“A budget is a statement of values and priorities. Our shared priority across the state must be the well-being of our youngest children,” said Kim Belshé, executive director of First 5 LA, an independent county agency that advocates on behalf of young children and their parents. “Tomorrow depends on the decisions we make today. We thank Governor Brown for prioritizing the programs and services that support preschool-aged children and their families, and applaud his inclusion of family strengthening home visiting services.”
Belshé noted the proposed budget takes an important step in prioritizing funding for multiple supports for young children, from pre-and-post natal support offered through home visiting, to health coverage, to quality early learning.
Among the other notable highlights from the governor’s budget proposal that prioritize young children and their families:
- An increase of $120 million to establish a fully online community college that provides scheduling flexibility and more accessible learning options for the child developmental workforce
- $1.3 billion of Prop 56 tobacco tax revenue increase for 2018–19 to be used to expand
Medi-Cal and Denti-Cal services, including increased provider reimbursement rates
- Permanently funding the emergency child care bridge program, which launched last year and directs $40 million to emergency vouchers and child care navigation support for foster families
- Increasing the reimbursement rates for ECE providers receiving the Standard Reimbursement Rate, annualizing prior year rate increases for providers receiving the Regional Market Rate, and ensuring no provider receives a lower rate than received in FY 2015–16
In the coming months, state legislators will review the governor’s proposed budget and begin to craft their versions of the annual spending plan. The Legislature’s final budget decisions typically wait until after May, when the governor releases a revised budget that may modify his January proposal based on economic and revenue updates. The Legislature must pass a budget bill for the upcoming fiscal year by midnight on June 15. The governor has until June 30 to sign the budget bill into law.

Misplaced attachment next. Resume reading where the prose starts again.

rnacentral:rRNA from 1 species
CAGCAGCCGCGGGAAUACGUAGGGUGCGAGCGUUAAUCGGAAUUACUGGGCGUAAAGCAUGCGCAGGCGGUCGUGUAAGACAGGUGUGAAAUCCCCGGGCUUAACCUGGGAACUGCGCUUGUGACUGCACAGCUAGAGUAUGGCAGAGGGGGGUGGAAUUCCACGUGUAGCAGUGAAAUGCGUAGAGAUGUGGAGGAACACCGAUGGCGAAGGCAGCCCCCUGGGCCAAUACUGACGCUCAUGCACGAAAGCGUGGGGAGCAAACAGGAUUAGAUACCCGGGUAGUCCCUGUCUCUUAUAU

"At First 5 LA, we believe as kids’ well-being goes, so goes the state.” -Kim Belshé
Even as this budget process begins, First 5 LA Public Policy and Government Affairs Director Peter Barth said First 5 LA is “already working closely with our state advocates and other advocacy partners, including the First 5 Association and First 5 California, to build upon the governor’s proposal to ensure the final budget deal better meets the needs of young children and their families in L.A. County.”
In the past, policymakers have not prioritized investment in a child’s early years, even though research shows that 90 percent of a child’s brain is developed by age 5. California’s families face significant challenges, as well. For example, 1 out of every 5 children in California live in poverty, and in L.A. County the child poverty rate is even higher at more than 28 percent. Parents with two children may pay nearly half their wages for child care in L.A. County, and statewide more than 1.2 million children do not receive the subsidized child care services for which they are eligible.
“We’ve all heard ‘as California goes, so goes the nation.’ At First 5 LA, we believe as kids’ well-being goes, so goes the state,” Belshé continued. “We look forward to working with the Legislature and the Administration to prioritize investment in the full prenatal to age 5 continuum of services as they continue to craft the budget. We can’t afford not to. When we invest in the first five years of a child’s life, we can change a child’s future.”